Editorial 1/ Trickle Down
Editorial 2/ Spare me the stones
You only die once
Fifth Column/ Squaring the past with the future
This above all/ The cheerful goodbye
Sectarian violence and the neglect of justice
Letters to the editor

The planning commission seems to be developing cold feet about poverty estimates. The debate about correlation between reforms and poverty reduction has taken place in the absence of any hard data. There is a robust correlation between growth and poverty reduction, established through cross-country studies or through inter-state comparisons within the country, as attempted in a paper by Mr Montek Singh Ahluwalia. This is the trickle down effect of growth and it works provided growth is above a certain threshold, such as the two per cent per capita figure cited in Mr Ahluwalia’s paper. To the extent reforms have pushed up growth rates, logically there ought to be an impact on poverty, measured by the head count ratio, or percentage of population below the poverty line.

In the context of the pro-rich image of reforms, the problem is that the national sample survey undertakes large sample surveys of expenditure at infrequent intervals. The last such large sample survey was in 1993-94 and to expect that reforms started in 1991 will lead to tangible results in 1993-94 is unrealistic. The 1993-94 figures had an all-India poverty ratio of 35 per cent. Since 1993-94, there have been thin samples, but these are unreliable. Subsequently, NSS collected data for 1999-2000 and these have been processed by the planning commission to arrive at poverty figures. In eliciting household expenditure data, NSS has traditionally asked households for information about expenditure during the preceding 30 days. Recall over 30 days is difficult and eliciting information about expenditure during the preceding seven days is more reliable. In 1999-2000, households have been asked about expenditure during the preceding 30 days, as well as preceding seven days. The planning commission has not placed its poverty estimates in the public domain. But media reports suggest that the all-India poverty ratio using seven days is 23 per cent, while that using 30 days is 26 per cent. Such a sharp drop over 1993-94 is too much of good news. So the planning commission initially complained about the quality of data. There were four sub-rounds in 1999-2000 and investigators had been asked to first obtain information about thirty-day expenditure and then information about seven-day expenditure. If the sequence was reversed, as was apparently done in 10 per cent of cases in the first sub-round, respondents would multiply the seven-day figure by four to arrive at the thirty-day figure. Why respondents can multiply and not divide is of course beyond comprehension. Now that the data for the three remaining sub-rounds have been processed and they confirm the drop reported in the first sub-round, the planning commission has come up with a new argument. Thin samples show that poverty ratios on the basis of seven-day recall are half those reported by thirty-day recall. So how come 1999-2000 only shows a divergence of three per cent? Data must therefore be wrong.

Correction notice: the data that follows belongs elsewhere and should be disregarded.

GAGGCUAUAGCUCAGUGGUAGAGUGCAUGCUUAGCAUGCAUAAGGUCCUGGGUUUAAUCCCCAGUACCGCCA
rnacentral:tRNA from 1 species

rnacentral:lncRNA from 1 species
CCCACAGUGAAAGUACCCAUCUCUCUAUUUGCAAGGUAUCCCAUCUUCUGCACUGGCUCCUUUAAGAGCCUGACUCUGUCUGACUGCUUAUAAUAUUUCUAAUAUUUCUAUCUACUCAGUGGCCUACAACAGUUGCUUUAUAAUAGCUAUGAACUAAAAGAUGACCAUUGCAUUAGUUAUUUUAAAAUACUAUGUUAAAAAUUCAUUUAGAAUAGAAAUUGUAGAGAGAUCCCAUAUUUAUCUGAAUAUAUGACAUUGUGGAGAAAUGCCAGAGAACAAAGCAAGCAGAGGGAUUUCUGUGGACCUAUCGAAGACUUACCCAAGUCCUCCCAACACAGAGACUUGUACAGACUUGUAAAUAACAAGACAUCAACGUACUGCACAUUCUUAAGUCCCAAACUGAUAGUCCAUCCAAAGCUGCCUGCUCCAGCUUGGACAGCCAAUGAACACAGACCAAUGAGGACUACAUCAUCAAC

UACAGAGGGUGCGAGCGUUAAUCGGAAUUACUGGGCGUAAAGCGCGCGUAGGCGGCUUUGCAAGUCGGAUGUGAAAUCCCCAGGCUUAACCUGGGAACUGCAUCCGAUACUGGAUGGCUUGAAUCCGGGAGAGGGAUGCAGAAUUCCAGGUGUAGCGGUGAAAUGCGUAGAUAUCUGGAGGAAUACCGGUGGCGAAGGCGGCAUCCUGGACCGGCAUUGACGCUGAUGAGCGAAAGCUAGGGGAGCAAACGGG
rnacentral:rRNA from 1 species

In all probability, the planning commission poverty ratios will be suppressed and a fresh NSS round commissioned. The debate about correlation between reforms and poverty will continue in a data vacuum, despite the fact that independent surveys like those by the National Council of Applied Economic Research reveal a drop in poverty, with significant inter-state and inter-regional differences. There exists a mindset that will not believe good news on poverty. Moving beyond trickle down, direct anti-poverty measures have not yet been reformed and delivery mechanisms for drinking water, sanitation, rural health care, primary education and housing are inadequate, with substantial leakage. Until these reforms happen, the poor will not be beneficiaries and the anti-poor image of reforms will continue.


Mr Buddhadeb Bhattacharjee has refused to be his party’s electoral mascot. He has firmly vetoed the indiscriminate laying of foundation stones by the chief minister in order to open umpteen governmental projects. This would hopefully reduce the riot of promise-making that has become the pre-electoral routine in most Indian states. Parts of Bihar, for instance, are a wilderness of abandoned foundation stones — evidence of Mr Laloo Prasad Yadav’s visions of development. West Bengal was gearing up, in a big way, for the “welfare of the people or constituency” charade with the assembly elections approaching, when Mr Bhattacharjee decided to abort this long tradition.

Henceforth, he will be screening every project carefully before agreeing to found it ceremonially. Detailed reports regarding the funding and implementation of the project will have to be submitted to him for his approval. Projects that will be worked on immediately after foundation and, better still, the opening of completed projects will be given preference. In general, his presence at these ceremonies will be minimalized. Already, the chief minister has caused some stir by refusing to attend one such ceremony because he was unhappy with what he was told about its source of funding. This is an entirely laudable move, showing a degree of good taste and a sense of how to win back a modicum of credibility for his government. The approach of the elections in West Bengal has been characterized by two, equally mindless, phenomena — brutal violence, leading to the collapse of law and order, and a series of declarations, of visions and intentions, generally for the public good. Both are deeply harmful for the image of democracy in the state. Mr Bhattacharjee’s firmness in this particular matter is a small, but significant, step towards the restoration of a bit of dignity to a debased polity.